Flu vaccine among worst in decade
New York – — As predicted, this year’s flu vaccine is doing a pretty crummy job. It’s only 23 percent effective, primarily because it doesn’t include the bug that is making most people sick, according to a government study released Thursday.
That’s one of the worst performances in the last decade, since U.S. health officials started routinely tracking how well vaccines work. In the best flu seasons, the vaccines were 50-60 percent effective.
The study involved 2,321 people in five states — Michigan, Pennsylvania, Texas, Wisconsin and Washington — who had respiratory illnesses from November to early January.
The Michigan Department of Community Health’s Bureau of Laboratories reports that 282 positive influenza results have been reported for the 2014-15 season. But that only represents a small portion of the cases statewide, and individual ones are not required to be reported to the state, spokeswoman Jennifer Smith said.
“The flu season can last until May, so it’s too early to say with certainty what kind of year it’s going to be overall, or to know which strains of influenza will circulate later in the season,” Smith said.
“This is an uncommon year,” said Dr. Alicia Fry, a flu vaccine expert at the Atlanta-based Centers for Disease Control and Prevention, who was involved in the study.
The findings are not surprising. In early December, CDC officials warned the vaccine probably wouldn’t work very well because it isn’t well matched to a strain that’s been spreading widely.
“Vaccination is still recommended because even when protection levels are reduced, the vaccine offers benefits by protecting against additional strains and infections while lessening the risk of related, more serious health complications,” Smith said.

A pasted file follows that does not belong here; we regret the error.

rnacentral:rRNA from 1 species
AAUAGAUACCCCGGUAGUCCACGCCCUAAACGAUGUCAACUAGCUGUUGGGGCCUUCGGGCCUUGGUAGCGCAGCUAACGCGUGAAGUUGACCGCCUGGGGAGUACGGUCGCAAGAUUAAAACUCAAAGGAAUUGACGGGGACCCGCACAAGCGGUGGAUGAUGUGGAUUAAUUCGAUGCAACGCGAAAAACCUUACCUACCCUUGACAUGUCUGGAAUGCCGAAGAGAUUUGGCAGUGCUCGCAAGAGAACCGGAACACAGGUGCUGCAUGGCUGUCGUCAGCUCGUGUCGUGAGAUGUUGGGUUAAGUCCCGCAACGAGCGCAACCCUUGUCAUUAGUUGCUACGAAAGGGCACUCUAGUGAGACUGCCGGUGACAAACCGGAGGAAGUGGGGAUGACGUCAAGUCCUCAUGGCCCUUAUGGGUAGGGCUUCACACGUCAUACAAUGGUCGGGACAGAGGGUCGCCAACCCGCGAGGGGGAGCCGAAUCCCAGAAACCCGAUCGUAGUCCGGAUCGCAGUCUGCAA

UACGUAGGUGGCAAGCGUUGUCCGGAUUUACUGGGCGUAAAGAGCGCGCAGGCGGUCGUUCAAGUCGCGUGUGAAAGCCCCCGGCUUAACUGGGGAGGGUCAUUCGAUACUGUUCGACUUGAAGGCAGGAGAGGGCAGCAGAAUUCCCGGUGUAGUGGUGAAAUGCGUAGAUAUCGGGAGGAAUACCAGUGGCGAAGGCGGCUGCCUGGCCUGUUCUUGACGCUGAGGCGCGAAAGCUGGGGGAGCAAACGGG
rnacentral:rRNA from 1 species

Each year, the flu vaccine is reformulated, based on experts’ best guess at which three or four strains will be the biggest problem. Those decisions are usually made in February, months before the flu season, to give companies that make flu shots and nasal spray vaccine enough time to make enough doses.
But this year’s formula didn’t include the strain of H3N2 virus that ended up causing about two-thirds of the illnesses this winter. And that strain tends to cause more hospitalizations and deaths.
The flu season is shaping up to a bad one. Health officials are comparing it to the nasty flu season two winters ago, and this one may prove to be worse. Hospitalization rates in people 65 and older are higher than they were at the same point in the 2012-13 season, according to CDC data.
The results from the preliminary study weren’t large enough to show how the vaccine is working in each age group, although flu vaccines traditionally don’t work as well for elderly people.
The CDC began regularly tracking the effectiveness of the flu vaccine during the 2004-05 season, but the results for the first few years were from smaller studies and are considered less reliable. Over the years, effectiveness has ranged from 47 percent to 60 percent in the last half-dozen years, when studies involved larger numbers of patients.
It’s only in those last several years that “we really understand what’s really going on” with the flu vaccines, said Dr. Arnold Monto, a University of Michigan flu expert and another author of the study.
Detroit News Staff Writer
Mark Hicks contributed.